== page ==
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4 benefits of cooking rather than going out

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It’s often been said that it’s not economical to cook for one. You end up buying things that end up spoiling and in turn, it’s difficult and time-consuming to produce a meal when you’re only making one.

But there are upsides to making dinner reservations at home for one. So before you pick up the phone to order take-out, consider these benefits:

  1. It’s healthier

There’s no question that eating in is far healthier than going out. Why? Because you are in control of the ingredients. You can choose to cut calories, limit sugar and make heart-healthy decisions like swapping butter for olive oil. And if you think going leaner means cutting corners with flavor, you’re horribly mistaken. Check out this Sriracha Soy Salmon if you need to be convinced.

  1. It’s cheaper

A little bit goes a long way. That $7 flank steak you bought can be stretched into three meals. That $10 whole chicken can be stretched into countless meals. Chicken pot pie, soup or chicken salad, anyone? Don’t let that steep grocery bill fool you into thinking that it’s the same price as a restaurant tab. It really isn’t. You’ll get more mileage out of home-cooked meals. Try this Eggplant Vegetable Lasagna for a meal that’ll keep you going all week long.

  1. It’s convenient

In New York, depending on what restaurant you’d like to go to and at what time, it can be difficult to eat when you like. Have you ever gotten to the restaurant of your choice only to be turned away by an hour-long wait? Sure, you might wait it out. Or you may settle for elsewhere that you’ll try to convince yourself is just as good as your first choice. At home, you can eat on your own time. And forget about being hurried out because the staff is trying to turn over a sought-after table. The table is indefinitely yours.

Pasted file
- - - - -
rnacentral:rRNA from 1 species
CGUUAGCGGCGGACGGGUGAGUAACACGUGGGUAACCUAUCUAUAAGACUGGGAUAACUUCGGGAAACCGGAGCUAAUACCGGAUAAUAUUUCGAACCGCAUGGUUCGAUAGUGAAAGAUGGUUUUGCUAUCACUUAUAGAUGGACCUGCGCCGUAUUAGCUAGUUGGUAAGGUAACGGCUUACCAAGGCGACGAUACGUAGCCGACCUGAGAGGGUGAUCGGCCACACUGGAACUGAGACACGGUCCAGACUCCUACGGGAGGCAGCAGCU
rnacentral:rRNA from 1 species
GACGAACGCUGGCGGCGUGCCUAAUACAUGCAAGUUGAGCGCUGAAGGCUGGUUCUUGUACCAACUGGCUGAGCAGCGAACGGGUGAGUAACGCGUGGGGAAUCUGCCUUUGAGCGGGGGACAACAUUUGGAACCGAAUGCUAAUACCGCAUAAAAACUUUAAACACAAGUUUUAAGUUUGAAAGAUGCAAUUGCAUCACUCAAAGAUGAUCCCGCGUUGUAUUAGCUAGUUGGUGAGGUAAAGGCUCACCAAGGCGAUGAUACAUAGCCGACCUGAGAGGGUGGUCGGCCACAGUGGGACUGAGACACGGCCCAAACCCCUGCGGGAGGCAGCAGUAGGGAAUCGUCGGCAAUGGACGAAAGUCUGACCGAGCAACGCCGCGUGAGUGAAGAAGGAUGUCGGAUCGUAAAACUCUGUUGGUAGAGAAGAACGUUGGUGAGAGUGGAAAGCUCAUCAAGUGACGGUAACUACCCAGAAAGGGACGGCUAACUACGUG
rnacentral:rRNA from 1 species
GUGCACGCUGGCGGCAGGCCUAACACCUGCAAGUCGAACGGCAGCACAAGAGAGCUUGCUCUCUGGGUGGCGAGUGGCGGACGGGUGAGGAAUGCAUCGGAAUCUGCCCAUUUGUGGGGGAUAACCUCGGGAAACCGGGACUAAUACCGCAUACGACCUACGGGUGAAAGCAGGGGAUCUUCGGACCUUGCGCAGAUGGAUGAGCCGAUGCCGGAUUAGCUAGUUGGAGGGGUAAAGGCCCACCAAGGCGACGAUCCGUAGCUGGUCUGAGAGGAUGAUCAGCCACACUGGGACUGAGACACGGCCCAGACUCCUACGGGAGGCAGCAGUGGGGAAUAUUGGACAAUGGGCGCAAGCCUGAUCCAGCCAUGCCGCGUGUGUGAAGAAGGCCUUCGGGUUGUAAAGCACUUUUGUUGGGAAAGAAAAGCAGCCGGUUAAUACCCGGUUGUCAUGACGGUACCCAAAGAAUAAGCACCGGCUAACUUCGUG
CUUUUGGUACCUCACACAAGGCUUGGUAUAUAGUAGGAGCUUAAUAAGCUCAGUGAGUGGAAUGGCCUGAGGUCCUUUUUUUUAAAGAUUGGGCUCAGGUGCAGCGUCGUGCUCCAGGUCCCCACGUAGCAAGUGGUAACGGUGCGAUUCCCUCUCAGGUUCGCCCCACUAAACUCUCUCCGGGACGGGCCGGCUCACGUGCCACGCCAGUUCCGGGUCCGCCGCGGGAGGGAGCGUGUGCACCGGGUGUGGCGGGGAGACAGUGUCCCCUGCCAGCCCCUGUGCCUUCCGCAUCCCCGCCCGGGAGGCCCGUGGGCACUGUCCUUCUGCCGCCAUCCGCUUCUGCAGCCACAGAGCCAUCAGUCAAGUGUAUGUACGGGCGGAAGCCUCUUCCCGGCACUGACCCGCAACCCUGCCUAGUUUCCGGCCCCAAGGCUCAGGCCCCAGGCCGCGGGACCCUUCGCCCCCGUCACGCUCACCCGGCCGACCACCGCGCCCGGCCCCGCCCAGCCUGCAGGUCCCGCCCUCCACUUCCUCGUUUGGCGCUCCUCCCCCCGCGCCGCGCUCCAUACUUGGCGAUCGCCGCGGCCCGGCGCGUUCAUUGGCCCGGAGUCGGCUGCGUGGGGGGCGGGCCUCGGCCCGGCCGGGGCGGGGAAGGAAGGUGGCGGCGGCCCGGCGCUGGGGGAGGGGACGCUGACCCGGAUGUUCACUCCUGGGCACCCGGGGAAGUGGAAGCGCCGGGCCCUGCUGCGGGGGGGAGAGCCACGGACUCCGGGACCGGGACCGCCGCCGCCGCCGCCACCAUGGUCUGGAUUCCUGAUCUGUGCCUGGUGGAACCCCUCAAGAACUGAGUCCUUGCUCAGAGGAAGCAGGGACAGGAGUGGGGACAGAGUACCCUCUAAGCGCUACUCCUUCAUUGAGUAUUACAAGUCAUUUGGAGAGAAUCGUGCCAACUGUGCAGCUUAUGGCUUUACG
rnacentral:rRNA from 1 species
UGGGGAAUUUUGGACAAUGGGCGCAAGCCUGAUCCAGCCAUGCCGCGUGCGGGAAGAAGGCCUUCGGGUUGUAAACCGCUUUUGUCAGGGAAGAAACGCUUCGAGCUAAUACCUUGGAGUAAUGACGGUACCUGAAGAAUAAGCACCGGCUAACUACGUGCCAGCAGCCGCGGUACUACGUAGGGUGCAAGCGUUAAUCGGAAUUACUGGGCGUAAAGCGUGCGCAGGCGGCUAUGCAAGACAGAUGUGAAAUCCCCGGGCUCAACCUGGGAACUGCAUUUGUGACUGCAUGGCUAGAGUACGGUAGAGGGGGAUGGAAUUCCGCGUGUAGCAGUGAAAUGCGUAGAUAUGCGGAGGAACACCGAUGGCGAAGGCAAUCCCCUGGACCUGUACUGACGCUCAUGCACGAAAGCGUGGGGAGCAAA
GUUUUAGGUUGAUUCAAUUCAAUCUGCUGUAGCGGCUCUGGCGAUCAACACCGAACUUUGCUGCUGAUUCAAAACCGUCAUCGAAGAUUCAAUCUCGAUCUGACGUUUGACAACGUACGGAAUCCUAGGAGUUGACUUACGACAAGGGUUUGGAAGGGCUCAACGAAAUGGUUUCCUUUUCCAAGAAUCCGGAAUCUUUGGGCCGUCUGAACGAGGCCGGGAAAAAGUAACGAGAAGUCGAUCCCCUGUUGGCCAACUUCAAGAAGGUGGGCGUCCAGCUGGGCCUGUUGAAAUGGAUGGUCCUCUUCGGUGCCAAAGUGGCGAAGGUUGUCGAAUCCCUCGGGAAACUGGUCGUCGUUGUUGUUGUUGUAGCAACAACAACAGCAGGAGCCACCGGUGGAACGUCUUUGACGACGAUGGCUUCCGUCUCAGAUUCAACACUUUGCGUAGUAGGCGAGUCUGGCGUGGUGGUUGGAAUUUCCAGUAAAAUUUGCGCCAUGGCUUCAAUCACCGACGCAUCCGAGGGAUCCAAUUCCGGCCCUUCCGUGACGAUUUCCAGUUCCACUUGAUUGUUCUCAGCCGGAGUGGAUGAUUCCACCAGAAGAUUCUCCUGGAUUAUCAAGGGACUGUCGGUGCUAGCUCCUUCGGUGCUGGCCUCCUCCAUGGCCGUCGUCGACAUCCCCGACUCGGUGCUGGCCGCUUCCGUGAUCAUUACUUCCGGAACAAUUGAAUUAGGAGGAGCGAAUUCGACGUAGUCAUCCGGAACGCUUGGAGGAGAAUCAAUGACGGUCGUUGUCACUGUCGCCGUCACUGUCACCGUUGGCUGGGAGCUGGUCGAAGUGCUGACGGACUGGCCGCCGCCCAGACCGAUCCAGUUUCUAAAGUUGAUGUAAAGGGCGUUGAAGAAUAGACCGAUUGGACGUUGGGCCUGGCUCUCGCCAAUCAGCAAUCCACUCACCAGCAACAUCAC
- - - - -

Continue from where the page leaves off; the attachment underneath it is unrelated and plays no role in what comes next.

1. It’s worthwhile

Look at cooking as a creative, maybe even challenging investment of your time. Play your favorite soundtrack, pour yourself a drink and get cozy in your kitchen. If you’re cooking for someone else, it’s all the more rewarding and intimate. You’re learning, experimenting and most importantly, creating something, even if only for yourself. And even if your end goal is never to cook anything more complicated than boiling pasta and adding butter to it, take Julia Child’s advice: “This is my invariable advice to people: Learn how to cook — try new recipes, learn from your mistakes, be fearless, and above all have fun!”

Head over to Fieldhouse Kitchen for more recipes and ideas inspired by cooking with minimal space, supplies and money in a New York City studio.

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